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PHUKET: Anyone who has ever tempted fate by trying the ersatz vegetarian food at Phuket’s annual Vegetarian Festival will more than likely agree that it’s all deep fried; it’s not actually very good for you; and while it may look like a sausage or a chicken drum-stick, it actually tastes like soaked cardboard.

So when word got out that Marco Westmass, a renowned vegetarian chef from The Hague, was breezing into town and putting on some swank dinners at Boathouse and Trisara to showcase his justly famed dishes, the urge to try vegetarian fare that didn’t actually taste like the Phuket Gazette was irresistible.

And lo, there’s the great man himself, serving up some pretty meaty gin and tonics at RE KÁ TA’s upstairs bar on Kata Beach. The growing queue at the bar testifies to the fact that the evening’s punters would much prefer a good slug of gin to the bubbly prosciutto bottles standing forlorn to the side like so many rejected suitors.

A posse of wait staff circulate, distributing amuse bouches from Boathouse until another wave introduces us to Marco’s cuisine in the form of bitterball crispy Dutch shrimp and dried lupine sausage along with gin glasses of cherry tomato, parmesan, yoghurt and basil.

It’s all very tasty and the fact that this food is made from common-or-garden lupines is actually quite incredible. But it’s true, so onward we plunge with a tasty treat of potato, caviar, Nori seaweed, bread, amaranth and mache lettuce.

How far away can you get from deep-fried cardboard? A long way, we soon learn.

A notable taster is the watermelon ‘steak tartar’ which captures the taste, if not the texture, of steak with an uncanny resemblance.

And so we all sit down to a wonderfully decked out table in RE KÁ TA’s main dining area.

It’s all very jolly, with cool jazz tumbling out of the top-of-the-line speakers, the odd thump and hiss of the incoming waves and the relentless whine of an American lady recounting her visit to the Holy Land to an unsuspecting Norwegian couple.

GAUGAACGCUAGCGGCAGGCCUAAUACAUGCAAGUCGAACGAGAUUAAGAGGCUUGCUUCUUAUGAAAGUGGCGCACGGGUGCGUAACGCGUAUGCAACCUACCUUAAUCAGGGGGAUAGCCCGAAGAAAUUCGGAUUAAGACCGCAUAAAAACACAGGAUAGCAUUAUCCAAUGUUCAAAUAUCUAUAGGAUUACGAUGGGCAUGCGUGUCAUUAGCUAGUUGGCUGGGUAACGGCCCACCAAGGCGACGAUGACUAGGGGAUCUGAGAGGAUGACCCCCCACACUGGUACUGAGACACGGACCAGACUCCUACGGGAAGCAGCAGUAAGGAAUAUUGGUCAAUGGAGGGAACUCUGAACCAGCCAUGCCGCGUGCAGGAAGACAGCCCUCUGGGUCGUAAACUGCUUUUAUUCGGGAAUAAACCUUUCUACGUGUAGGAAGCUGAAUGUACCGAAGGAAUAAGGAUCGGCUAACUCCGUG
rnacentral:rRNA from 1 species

Scallops, lard anchovies, lime, oyster and caviar are next and the salty tang of the dish leaps out and slaps diners hard in the mouth – it’s not dissimilar to a mouthful of seawater, albeit in a pleasant way.

A tangy German Riesling washes it down well.

Langoustine, yoghurt, parmesan, cabbage, rhubarb and lemongrass are next prompting the tempting question:

Does Chef Marco Westmass produce these dishes, then name them or does he set out to create a laugoustine dish until he gets the combination right?

But there’s no such doubt about the excellent wine parings of the evening – each a light and tasty accompaniment to these creations.

Next up is a sole, lobster, baby carrot, dashi and lemongrass paired with a Vacheron 2010.

Good stuff, and as I wander off to chat with the resident DJ a sirloin ‘dry aged’ along with Enyingi mushroom, eggplant and Shanghai bok choy is waiting for me when I return.

This is incredible – such authenticity, such talent – it’s just like the real thing: That’s because it is – a genuine steak to round the mains off. With hindsight I really should have known, but so much magic was going down you could have told me that it was also made of lupines and I would have believed you.

RE KÁ TA is at 182-184 Koktanode Road, Kata Beach, Phuket, 83100 Thailand (next to Boathouse). Tel: 076 330 421

— Sam Wilko